Dallas vs. Houston in two words, HSR loses its sweet spot, how cities decline, and more
This week's items:
- Dallas finally added a rail connection to DFW and thinks this helps qualify them as a world class city, even though downtown Dallas only has a tiny percentage of metro employment and it will take an hour to get there. I've always heard a big differentiator between Dallas and Houston is that Dallas is much more image conscious about appearances (sort of an LA of Texas), and this really drives it home for me. We're more pragmatic and are not worried about being considered world class (at this point, we already know we're there). We tried express bus connecting downtown to IAH (far faster than a rail line), and it flopped, with only 2-3 riders per trip on average. With that low of a demand, why would we build a multi-billion dollar rail line to the aiport that would be even slower?! That may very well sum up Dallas vs. Houston in two words: prestige vs. pragmatic. A few years ago I laid out the case here for why rail to the airport rarely makes sense.
- Speaking of Dallas vs. Houston, we definitely win this tourism smackdown vs. Dallas.
- Aaron Renn kicks off a 3-post series with a devastating description of how declining cities get into a viciously reinforcing cycle of decline driven by corrupt vulturous interests in real estate, construction, and legal services. The short version of the argument is that big local banks used to influence local politics to get broad economic growth, but those banks got rolled up into national firms and the business interests that are left really are mostly looking for narrow contracts subsidized by the taxpayer - they don't have the broader interests of the city at heart. It is a scary and depressing trap that is almost impossible for a city to get out of once it starts (Detroit and Cleveland being two examples). So far Houston seems to have avoided this fate, but it's certainly something we have to stay vigilant about...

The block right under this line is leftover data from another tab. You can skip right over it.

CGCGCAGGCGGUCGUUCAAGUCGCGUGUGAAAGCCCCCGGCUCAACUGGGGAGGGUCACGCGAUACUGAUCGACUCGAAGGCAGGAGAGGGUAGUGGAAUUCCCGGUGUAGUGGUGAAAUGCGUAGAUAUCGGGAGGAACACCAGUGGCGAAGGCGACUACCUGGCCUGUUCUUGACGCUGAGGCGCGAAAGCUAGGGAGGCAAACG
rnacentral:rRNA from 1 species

- A pretty devastating but logical case against the viability of high speed rail, with the nail in the coffin being that self-driving cars will eliminate any distance "sweet spot" that might have existed between driving and flying.
- Governing magazine dissects the Ashby legal case and no-zoning in Houston. My favorite excerpt:
"Whatever views one may hold about a city without zoning, it’s hard to deny that Houston has done pretty well for itself over the past generation or so. Its population has grown faster than that of almost any other American city. Its unemployment rate is among the lowest. It continues to attract new businesses no matter what slogan it chooses to adopt for itself. And a growing number of scholars, notably the urbanologist Edward Glaeser, have argued that Houston has done well precisely because it imposes so few restrictions on development."
"By 2023, Houston's gross regional product (GRP) will approach $1.1 trillion, more than double where it stands today. The region will add nearly 1.2 million residents, more than 700,000 jobs, and $300 billion in personal income."
Labels: corruption, economy, governance, government transparency, growth, high-speed rail, land-use regulation, Metro, mobility strategies, rail, tourism, world city, zoning